JUNIOR BOYS with MAX TUNDRA at the Pike Room

WEDNESDAY APRIL 1, 2009
doors at 8PM
tickets: $12 (buy tickets)

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Before there was Clap Your Tapes And Say Art Brut, there was JUNIOR BOYS: the proto-blog success story. Starting with a pair of mysterious twelves of smart, crisp electro-hooks, the releases were shrouded in abstract imagery and classic graphic design which hearkened back to the heydays of Factory, Mute and Some Bizzare. The music that poured forth was inspired by the past, present and future all. Last Exit, the album that followed, answered the promise, distilling the last twenty five years of electronic pop music into one potent potable. What followed was worldwide acclaim and live performances, including a marathon tour of North America with Caribou and The Russian Futurists that prevailed over heat stroke, jellyfish stings, speeding tickets, abandoned vehicles, vigilant customs agents and close encounters with quicksand & fuel pumps to deliver a series of uplifting shows that made the travellers forget their woes. Today, Junior Boys aren't so much a myth as a revelation. Their music exhibits a confident mix of focus, clarity and ambition. From the upbeat double A-side single "In The Morning"/"The Equalizer" (the former being a collaboration with tour mate, Andi Toma from Mouse On Mars), to the somber triptych that closes their last album which touches such kindred spirits as Sylvian, Ferry and, yes Sinatra (as with their cover of the ol' blue-eyes classic, "When No One Cares), Junior Boys manage to tease soul and longing out of their machines in a way that few have dared try.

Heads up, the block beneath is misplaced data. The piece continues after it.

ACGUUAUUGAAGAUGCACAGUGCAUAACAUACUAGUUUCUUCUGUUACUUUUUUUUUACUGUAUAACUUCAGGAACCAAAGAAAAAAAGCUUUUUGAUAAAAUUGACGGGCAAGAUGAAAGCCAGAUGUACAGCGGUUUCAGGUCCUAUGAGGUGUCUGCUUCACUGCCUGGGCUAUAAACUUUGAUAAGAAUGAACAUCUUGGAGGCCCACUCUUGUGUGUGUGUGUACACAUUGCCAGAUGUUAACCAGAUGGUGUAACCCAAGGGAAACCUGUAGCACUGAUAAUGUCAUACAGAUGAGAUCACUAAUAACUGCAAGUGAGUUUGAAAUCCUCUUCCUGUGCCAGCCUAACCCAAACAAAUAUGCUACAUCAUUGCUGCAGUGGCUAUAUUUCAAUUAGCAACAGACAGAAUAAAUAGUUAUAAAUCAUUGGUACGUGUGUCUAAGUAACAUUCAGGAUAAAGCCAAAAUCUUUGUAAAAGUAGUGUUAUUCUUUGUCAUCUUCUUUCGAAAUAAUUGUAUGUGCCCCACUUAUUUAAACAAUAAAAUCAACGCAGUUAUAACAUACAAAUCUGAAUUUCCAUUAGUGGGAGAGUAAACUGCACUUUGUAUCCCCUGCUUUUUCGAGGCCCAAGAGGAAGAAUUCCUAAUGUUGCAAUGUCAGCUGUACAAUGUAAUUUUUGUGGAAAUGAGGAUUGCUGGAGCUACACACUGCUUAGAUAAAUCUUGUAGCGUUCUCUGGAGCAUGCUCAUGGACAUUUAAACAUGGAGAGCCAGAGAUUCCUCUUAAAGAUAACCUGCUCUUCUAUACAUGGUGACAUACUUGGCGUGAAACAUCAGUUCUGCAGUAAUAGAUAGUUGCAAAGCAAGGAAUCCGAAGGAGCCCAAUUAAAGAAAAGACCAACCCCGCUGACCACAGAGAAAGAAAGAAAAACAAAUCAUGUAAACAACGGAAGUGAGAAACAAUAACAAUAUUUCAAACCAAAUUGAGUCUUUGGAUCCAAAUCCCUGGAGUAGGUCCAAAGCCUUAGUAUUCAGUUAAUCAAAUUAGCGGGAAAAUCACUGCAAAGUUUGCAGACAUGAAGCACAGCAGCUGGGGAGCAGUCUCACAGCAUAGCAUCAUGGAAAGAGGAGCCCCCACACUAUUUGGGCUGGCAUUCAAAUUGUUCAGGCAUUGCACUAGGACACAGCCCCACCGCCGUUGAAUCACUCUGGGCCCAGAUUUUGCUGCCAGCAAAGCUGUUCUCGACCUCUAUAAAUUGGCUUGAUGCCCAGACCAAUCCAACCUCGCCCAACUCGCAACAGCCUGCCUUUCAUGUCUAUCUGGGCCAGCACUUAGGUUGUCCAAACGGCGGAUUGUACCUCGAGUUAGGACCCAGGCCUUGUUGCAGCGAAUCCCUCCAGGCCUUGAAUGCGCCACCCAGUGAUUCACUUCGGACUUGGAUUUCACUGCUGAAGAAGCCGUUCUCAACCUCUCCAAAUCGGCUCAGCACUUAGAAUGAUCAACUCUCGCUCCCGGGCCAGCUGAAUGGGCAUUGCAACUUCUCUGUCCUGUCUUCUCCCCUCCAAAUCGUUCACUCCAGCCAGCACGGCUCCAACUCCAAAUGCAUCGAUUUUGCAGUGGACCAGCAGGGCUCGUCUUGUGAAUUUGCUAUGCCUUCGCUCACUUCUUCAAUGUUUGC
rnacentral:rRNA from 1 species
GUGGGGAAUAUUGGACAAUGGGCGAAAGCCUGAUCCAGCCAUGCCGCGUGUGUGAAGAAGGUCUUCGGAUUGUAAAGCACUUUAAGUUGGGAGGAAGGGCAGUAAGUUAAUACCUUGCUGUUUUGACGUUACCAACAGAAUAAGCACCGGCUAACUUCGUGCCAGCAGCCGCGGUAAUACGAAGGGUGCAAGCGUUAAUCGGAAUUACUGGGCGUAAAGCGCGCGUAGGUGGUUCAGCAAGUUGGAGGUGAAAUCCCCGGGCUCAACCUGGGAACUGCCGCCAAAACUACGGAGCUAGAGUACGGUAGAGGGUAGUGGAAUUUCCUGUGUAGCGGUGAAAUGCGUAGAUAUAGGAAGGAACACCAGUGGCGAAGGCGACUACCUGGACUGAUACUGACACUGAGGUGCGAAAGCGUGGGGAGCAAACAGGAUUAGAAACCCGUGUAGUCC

With MAX TUNDRA: For the last few years (as well as remixing bands such as Franz Ferdinand, Pet Shop Boys, The Futureheads, Tunng and Von Südenfed), Max Tundra has been working on his third album for Domino. This record has been completed, is called “Parallax Error Beheads You”, and is scheduled for an October 2008 release. Six years have passed since the release of his previous LP. During this time many bands have formed, recorded albums, and split up. In a time when groups are encouraged to bang out new records two or three times a year, it is almost quaint to encounter a project which took the best part of a decade to record. Despite the attention to detail in the densely layered programming, these new songs are Max’s catchiest, brightest and most memorable yet, and make much of his earlier work sound home-made and clunky. Now that it’s finished he can leave the house once more.

Max Tundra's warm, emotive, uplifting songs will capture your spirit, pour it over ice, and serve it back to you at the best disco in town (where you won't get turned away for liking both Destiny's Child and Frank Zappa). Incidentally, there's no dress code either.

 

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